ERIC Number: ED288307
Record Type: RIE
Publication Date: 1986-Apr
Academic and Social Interaction for Hearing Impaired High School Students.
Mertens, Donna M.; Kluwin, Thomas N.
The education process of hearing-impaired students in 18 public secondary mathematics classrooms was examined in order to account for achievement and social adjustment differences between 11 mainstreamed and 7 self-contained classrooms. The classrooms were compared on the following dimensions: (1) social interactions among students, (2) teacher training/experience, (3) teacher verbal behaviors, (4) teacher expectations as perceived by students, (5) parental expectations as perceived by students, (6) exposure to course content, and (7) student participation. Data came from teacher questionnaires, teacher logs, live observations of classes, and student questionnaires. Results indicated no interaction between the hearing and hearing-impaired students in the mainstreamed classrooms. The teachers in the mainstream classes had more training in the subject matter, as well as more experience as teachers. The teachers' verbal behaviors differed significantly, independent of the type of classroom. Teacher and parental expectations were not a factor. Mainstreamed classes received more work and more difficult work than the self-contained classes. Hearing-impaired students in both types of classrooms asked more questions than hearing students did. Cited are several important factors impacting achievement of the hearing-impaired, such as their initial abilities, family situation, and quality of teaching received. (JDD)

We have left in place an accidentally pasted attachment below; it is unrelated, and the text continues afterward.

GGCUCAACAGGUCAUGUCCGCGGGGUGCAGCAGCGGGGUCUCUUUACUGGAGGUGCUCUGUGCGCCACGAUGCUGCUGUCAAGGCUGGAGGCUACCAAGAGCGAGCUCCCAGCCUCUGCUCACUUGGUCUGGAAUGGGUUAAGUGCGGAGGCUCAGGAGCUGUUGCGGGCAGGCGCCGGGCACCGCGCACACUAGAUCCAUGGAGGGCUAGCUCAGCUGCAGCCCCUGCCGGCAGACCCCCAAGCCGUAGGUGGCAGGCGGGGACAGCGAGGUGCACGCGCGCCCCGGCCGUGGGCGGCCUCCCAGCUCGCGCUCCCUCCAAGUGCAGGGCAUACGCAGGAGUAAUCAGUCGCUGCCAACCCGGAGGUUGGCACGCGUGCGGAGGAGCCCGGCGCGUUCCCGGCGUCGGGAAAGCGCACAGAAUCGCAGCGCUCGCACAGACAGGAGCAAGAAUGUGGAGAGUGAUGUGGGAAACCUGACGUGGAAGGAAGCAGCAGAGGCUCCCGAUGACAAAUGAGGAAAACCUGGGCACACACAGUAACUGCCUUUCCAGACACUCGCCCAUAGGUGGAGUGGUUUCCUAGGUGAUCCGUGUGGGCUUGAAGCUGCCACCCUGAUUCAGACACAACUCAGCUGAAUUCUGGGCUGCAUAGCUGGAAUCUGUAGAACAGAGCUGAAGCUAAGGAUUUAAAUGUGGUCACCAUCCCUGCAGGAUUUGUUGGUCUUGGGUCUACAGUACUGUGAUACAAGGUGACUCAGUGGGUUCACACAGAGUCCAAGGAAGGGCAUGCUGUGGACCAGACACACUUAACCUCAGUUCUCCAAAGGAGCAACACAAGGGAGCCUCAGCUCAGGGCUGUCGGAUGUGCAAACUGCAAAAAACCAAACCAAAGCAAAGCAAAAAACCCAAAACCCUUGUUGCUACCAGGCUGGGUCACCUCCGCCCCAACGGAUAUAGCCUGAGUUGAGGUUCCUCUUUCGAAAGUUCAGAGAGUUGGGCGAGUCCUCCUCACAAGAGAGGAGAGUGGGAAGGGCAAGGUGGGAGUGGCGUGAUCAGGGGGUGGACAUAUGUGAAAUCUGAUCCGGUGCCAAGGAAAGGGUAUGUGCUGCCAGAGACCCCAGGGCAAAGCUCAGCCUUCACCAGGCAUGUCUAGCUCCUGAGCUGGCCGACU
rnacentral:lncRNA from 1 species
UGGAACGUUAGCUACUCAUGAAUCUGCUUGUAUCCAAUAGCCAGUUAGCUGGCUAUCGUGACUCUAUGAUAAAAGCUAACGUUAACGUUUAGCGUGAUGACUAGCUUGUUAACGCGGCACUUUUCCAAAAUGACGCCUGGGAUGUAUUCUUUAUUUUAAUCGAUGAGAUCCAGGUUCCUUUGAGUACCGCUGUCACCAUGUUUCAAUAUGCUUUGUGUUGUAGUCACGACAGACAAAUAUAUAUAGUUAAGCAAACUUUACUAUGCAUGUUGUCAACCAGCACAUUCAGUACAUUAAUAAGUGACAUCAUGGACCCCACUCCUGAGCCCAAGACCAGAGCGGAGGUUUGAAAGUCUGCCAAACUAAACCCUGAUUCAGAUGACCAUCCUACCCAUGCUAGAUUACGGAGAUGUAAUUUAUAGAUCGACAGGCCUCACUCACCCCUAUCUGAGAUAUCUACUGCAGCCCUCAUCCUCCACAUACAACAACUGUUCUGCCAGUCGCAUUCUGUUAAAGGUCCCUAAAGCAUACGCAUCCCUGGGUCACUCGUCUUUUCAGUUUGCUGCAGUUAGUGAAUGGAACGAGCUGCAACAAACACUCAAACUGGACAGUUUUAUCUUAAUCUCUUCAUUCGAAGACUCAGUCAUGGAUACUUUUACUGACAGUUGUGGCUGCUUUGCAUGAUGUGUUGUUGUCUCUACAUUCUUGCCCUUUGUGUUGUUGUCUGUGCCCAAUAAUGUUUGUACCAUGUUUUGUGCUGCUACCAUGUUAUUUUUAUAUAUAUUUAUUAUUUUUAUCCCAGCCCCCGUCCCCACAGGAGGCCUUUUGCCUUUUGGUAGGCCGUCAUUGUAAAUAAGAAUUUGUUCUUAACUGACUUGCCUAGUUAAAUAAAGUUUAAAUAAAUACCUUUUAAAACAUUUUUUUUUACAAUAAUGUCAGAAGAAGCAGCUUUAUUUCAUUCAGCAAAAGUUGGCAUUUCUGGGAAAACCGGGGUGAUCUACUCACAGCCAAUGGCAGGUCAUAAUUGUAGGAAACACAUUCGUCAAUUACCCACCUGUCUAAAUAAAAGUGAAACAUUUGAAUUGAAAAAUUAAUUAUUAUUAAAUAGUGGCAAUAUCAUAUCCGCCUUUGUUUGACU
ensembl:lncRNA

Descriptors: Academic Achievement, Classroom Communication, Expectation, Hearing Impairments, High School Students, High Schools, Interpersonal Relationship, Mainstreaming, Mathematics Education, Parent Attitudes, Social Adjustment, Special Classes, Special Education Teachers, Student Participation, Teacher Qualifications, Teaching Styles
Publication Type: Speeches/Meeting Papers; Reports - Evaluative
Education Level: N/A
Authoring Institution: N/A
Note: Paper presented at the Annual Meeting of the American Educational Research Association (San Francisco, CA, April 16-20, 1986). For a paper on a similar topic, see EC 200 779.